- This is an excerpt from a story delivered exclusively to Business Insider Intelligence E-Commerce Briefing subscribers.
- To receive the full story plus other insights each morning, click here.
Amazon has a problem with false product reviews, according to a report by UK consumer group Which? cited by Business Insider. Which? looked at hundreds of popular tech products and found that, among headphones alone, 71% had five-star ratings.
Business Insider Intelligence
However, all the headphones found on the first page of results were from "unknown" brands and around 87% of the 12,000 reviews for these products were unverified. When Which? shared its research with Amazon review checking site ReviewMeta, the latter said it believed all of the five-star reviews of the top 10 pairs of headphones were fake.
Here’s what it means: Fake reviews hurt customer confidence and can be bad for other sellers on Amazon’s marketplace.
Customers rely on reviews for information, and if they have to worry about fake reviews on a platform, they may limit their spending behavior. A resounding 97% of US consumers look at reviews when making their purchasing decisions, with 26% doing so for every purchase and 95% reading more than one review.
If Amazon customers have to worry about whether a major information source they use is reliable, they may lose confidence in buying on Amazon or only buy products from brands they trust. This would shrink purchase volume for Amazon and could especially harm its small sellers, which might suffer because consumers don’t recognize them and have less trust in reviews praising them.
The bigger picture: Both Amazon and the FTC have been cracking down on false reviews, but the new report shows that there’s still work to do.
- Amazon has deleted thousands of reviews to minimize fakes. As part of an aggressive strategy to combat seller scams, Amazon scrubbed a large volume of reviews from its site during the holiday season, with some products losing thousands of reviews in a day. Campaigning against fake reviews like this may be a good way to quickly address its current fake review issue, but the tactic has a drawback: Sellers and a person familiar with the matter said some real reviews were inadvertently erased in the 2018 deletions.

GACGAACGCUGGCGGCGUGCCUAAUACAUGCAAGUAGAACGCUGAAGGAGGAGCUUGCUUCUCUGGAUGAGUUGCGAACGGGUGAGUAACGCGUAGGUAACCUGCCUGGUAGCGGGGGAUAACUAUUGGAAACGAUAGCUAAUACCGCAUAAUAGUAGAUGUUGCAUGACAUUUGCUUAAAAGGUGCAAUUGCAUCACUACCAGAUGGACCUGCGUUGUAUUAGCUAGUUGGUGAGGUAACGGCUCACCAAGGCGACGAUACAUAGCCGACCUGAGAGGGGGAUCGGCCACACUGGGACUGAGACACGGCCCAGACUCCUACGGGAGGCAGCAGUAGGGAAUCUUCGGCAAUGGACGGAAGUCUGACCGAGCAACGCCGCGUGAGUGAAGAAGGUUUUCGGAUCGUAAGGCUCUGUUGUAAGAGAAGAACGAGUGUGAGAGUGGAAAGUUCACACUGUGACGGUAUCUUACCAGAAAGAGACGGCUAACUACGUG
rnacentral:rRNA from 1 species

- The FTC recently challenged a company using paid fake reviews on Amazon. In the first case of its kind, the FTC targeted Cure Encapsulations, Inc. — which sells a weight-loss supplement that’s incorrectly associated with weight loss and poses medical risks — in February for paying Amazonverifiedreviews.com to post fake five-star reviews to keep its product at a 4.3-star average rating. A settlement was eventually reached that requires Cure Encapsulations to only make claims with evidence, tell Amazon which reviews it bought, and pay a $12.8 million settlement that may be waived if the company makes other, smaller payments. If the FTC continues crackdowns on fake reviews at a federal level, it could help Amazon with its current problem by taking the job of eliminating false reviews out of the e-tailer’s hands.
Interested in getting the full story? Here are two ways to get access:
1. Sign up for the E-Commerce Briefing to get it delivered to your inbox 6x a week. >> Get Started
2. Subscribe to a Premium pass to Business Insider Intelligence and gain immediate access to the E-Commerce Briefing, plus more than 250 other expertly researched reports. As an added bonus, you’ll also gain access to all future reports and daily newsletters to ensure you stay ahead of the curve and benefit personally and professionally. >> Learn More Now
- Amazon now lets Prime customers schedule orders for the delivery day of their choice — and it’s a total game changer
- New in-store technologies could bring about stricter regulations
- Meet the 45-year-old executive helping Kroger take on Amazon, Walmart, and Aldi